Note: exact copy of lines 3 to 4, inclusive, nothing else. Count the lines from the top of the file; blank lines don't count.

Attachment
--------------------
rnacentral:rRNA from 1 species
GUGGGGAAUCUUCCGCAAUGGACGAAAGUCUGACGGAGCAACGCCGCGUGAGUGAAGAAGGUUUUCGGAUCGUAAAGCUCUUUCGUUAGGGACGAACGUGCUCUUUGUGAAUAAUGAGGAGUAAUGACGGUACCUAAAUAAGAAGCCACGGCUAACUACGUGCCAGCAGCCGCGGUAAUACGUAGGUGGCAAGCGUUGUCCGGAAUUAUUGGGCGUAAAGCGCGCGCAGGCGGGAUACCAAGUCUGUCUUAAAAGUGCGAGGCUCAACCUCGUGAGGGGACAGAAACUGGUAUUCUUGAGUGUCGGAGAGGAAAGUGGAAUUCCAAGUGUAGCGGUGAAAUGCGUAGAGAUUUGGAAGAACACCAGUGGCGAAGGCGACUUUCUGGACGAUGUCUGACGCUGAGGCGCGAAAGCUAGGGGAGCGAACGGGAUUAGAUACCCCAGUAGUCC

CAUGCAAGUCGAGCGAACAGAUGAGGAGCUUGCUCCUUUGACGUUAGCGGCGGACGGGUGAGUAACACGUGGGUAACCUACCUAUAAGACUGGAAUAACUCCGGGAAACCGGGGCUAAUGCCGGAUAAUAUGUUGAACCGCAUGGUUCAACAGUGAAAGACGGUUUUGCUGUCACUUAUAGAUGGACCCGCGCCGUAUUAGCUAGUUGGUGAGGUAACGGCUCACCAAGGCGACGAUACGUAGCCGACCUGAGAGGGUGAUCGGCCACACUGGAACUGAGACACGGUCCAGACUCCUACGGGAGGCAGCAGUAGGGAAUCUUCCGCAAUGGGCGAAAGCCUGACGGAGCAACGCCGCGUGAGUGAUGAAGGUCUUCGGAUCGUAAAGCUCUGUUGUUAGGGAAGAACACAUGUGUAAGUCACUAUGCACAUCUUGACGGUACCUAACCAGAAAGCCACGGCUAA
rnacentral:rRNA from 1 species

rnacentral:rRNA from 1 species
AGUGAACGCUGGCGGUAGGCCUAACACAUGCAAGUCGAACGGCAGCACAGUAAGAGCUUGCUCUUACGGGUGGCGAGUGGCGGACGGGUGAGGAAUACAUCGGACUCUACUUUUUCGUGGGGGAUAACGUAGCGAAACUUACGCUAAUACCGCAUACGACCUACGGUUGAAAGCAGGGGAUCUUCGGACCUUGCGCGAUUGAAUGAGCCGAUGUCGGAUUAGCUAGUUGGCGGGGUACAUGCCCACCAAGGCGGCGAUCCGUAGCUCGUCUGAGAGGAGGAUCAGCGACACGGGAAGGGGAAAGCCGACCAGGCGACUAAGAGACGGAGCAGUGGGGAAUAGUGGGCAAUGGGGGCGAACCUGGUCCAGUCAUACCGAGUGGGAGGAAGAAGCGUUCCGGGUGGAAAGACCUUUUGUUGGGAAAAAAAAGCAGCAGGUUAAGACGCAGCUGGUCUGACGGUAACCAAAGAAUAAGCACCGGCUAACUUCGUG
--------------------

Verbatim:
CAUGCAAGUCGAGCGAACAGAUGAGGAGCUUGCUCCUUUGACGUUAGCGGCGGACGGGUGAGUAACACGUGGGUAACCUACCUAUAAGACUGGAAUAACUCCGGGAAACCGGGGCUAAUGCCGGAUAAUAUGUUGAACCGCAUGGUUCAACAGUGAAAGACGGUUUUGCUGUCACUUAUAGAUGGACCCGCGCCGUAUUAGCUAGUUGGUGAGGUAACGGCUCACCAAGGCGACGAUACGUAGCCGACCUGAGAGGGUGAUCGGCCACACUGGAACUGAGACACGGUCCAGACUCCUACGGGAGGCAGCAGUAGGGAAUCUUCCGCAAUGGGCGAAAGCCUGACGGAGCAACGCCGCGUGAGUGAUGAAGGUCUUCGGAUCGUAAAGCUCUGUUGUUAGGGAAGAACACAUGUGUAAGUCACUAUGCACAUCUUGACGGUACCUAACCAGAAAGCCACGGCUAA
rnacentral:rRNA from 1 species